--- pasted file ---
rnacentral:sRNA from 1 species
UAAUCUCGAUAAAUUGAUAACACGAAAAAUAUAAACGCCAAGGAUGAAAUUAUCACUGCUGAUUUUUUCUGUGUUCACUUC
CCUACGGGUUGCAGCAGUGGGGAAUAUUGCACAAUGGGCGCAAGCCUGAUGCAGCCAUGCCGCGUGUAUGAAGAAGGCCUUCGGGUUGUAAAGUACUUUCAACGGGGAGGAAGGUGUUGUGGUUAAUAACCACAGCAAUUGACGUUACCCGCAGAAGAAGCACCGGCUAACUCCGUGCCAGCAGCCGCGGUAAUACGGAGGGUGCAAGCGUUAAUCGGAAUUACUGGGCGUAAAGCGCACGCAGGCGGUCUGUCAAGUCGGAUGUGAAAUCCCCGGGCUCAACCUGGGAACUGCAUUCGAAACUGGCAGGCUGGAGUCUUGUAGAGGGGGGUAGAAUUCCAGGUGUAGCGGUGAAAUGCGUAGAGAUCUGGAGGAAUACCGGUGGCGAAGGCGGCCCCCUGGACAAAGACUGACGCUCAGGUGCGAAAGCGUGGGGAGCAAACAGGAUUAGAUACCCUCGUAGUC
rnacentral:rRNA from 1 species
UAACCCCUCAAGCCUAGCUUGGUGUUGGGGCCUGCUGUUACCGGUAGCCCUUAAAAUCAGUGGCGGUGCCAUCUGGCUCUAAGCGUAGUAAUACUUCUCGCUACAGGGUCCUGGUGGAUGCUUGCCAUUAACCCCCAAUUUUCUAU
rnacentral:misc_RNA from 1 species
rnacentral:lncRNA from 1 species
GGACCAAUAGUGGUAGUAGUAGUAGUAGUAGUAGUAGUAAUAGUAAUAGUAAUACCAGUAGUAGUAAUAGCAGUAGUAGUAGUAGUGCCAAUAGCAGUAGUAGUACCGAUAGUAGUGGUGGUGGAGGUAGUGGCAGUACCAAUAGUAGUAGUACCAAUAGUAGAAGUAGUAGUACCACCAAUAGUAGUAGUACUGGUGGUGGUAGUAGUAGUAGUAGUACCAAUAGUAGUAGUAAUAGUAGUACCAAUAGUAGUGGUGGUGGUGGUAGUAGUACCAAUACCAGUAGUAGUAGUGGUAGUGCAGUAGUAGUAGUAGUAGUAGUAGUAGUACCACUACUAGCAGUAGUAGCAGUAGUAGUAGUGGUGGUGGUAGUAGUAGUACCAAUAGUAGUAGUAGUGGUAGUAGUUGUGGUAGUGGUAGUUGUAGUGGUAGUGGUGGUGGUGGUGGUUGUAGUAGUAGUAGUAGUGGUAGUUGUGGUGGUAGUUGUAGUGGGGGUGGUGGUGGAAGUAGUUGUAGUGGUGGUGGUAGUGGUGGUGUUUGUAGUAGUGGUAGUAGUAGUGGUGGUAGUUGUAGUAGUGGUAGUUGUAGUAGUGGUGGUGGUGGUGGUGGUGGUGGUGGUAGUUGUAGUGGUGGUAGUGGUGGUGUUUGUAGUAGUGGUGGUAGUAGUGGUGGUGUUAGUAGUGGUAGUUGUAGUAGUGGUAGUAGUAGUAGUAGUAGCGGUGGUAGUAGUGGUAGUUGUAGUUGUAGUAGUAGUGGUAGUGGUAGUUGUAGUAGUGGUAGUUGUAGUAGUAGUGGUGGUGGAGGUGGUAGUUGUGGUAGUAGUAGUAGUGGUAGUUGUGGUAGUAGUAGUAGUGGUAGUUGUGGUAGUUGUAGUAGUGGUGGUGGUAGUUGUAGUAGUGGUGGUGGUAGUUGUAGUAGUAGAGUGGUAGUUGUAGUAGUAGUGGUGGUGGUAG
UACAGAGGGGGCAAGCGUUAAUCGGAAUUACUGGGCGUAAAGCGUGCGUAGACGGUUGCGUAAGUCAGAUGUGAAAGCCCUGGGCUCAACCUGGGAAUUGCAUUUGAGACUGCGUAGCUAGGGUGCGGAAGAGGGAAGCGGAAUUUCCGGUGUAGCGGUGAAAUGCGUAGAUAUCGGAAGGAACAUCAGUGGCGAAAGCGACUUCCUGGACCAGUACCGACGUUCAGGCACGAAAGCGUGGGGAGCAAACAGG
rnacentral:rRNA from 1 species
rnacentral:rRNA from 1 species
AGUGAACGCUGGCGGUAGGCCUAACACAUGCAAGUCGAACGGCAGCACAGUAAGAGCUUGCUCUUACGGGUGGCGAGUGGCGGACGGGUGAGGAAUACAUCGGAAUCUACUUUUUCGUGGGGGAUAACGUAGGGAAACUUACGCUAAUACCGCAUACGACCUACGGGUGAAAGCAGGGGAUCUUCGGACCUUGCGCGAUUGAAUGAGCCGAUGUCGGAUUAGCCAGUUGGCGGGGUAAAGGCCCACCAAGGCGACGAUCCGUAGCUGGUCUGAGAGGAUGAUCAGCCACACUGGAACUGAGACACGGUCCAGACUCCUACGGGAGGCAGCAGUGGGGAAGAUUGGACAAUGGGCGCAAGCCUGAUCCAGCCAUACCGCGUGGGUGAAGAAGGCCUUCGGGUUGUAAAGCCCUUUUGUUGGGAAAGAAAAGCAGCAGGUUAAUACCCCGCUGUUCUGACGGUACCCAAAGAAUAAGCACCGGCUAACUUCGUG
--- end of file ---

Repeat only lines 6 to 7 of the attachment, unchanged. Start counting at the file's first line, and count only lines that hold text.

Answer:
rnacentral:misc_RNA from 1 species
rnacentral:lncRNA from 1 species